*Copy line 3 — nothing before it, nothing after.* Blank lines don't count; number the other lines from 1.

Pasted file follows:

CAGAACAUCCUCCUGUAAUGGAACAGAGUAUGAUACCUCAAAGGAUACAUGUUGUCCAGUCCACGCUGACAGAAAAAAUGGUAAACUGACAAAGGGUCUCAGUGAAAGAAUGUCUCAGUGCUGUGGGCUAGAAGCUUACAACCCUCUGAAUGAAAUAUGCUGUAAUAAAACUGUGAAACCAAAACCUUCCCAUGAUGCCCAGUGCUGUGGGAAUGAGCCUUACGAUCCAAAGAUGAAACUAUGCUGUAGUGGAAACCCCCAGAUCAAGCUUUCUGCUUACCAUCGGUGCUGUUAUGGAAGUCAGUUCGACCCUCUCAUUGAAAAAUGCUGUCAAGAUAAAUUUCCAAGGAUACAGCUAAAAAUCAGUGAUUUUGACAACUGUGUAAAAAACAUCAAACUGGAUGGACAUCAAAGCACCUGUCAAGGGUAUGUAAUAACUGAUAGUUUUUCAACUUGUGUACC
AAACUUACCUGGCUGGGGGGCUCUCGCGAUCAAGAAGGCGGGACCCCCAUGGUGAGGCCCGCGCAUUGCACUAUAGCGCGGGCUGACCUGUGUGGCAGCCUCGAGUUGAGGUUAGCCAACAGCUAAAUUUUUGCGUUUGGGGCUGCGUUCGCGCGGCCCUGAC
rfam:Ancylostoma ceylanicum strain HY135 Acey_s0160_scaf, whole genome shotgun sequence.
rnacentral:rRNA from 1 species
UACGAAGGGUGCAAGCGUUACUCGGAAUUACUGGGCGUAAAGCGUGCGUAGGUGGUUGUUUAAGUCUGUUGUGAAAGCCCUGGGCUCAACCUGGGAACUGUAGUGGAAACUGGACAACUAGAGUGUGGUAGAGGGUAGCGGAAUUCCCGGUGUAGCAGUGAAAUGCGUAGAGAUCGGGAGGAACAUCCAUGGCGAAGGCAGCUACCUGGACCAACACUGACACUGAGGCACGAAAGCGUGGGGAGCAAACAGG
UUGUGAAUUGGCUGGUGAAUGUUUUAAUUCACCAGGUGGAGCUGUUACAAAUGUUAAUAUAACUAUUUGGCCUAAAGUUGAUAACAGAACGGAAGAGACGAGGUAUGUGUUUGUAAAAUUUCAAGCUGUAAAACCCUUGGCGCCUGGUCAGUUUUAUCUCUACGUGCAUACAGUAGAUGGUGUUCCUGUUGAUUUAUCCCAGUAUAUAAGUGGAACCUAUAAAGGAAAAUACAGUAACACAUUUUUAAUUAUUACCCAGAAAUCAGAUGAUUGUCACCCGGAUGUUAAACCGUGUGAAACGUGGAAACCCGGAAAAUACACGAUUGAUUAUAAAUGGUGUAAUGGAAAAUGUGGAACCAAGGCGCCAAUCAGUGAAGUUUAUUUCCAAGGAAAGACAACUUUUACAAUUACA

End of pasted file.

rfam:Ancylostoma ceylanicum strain HY135 Acey_s0160_scaf, whole genome shotgun sequence.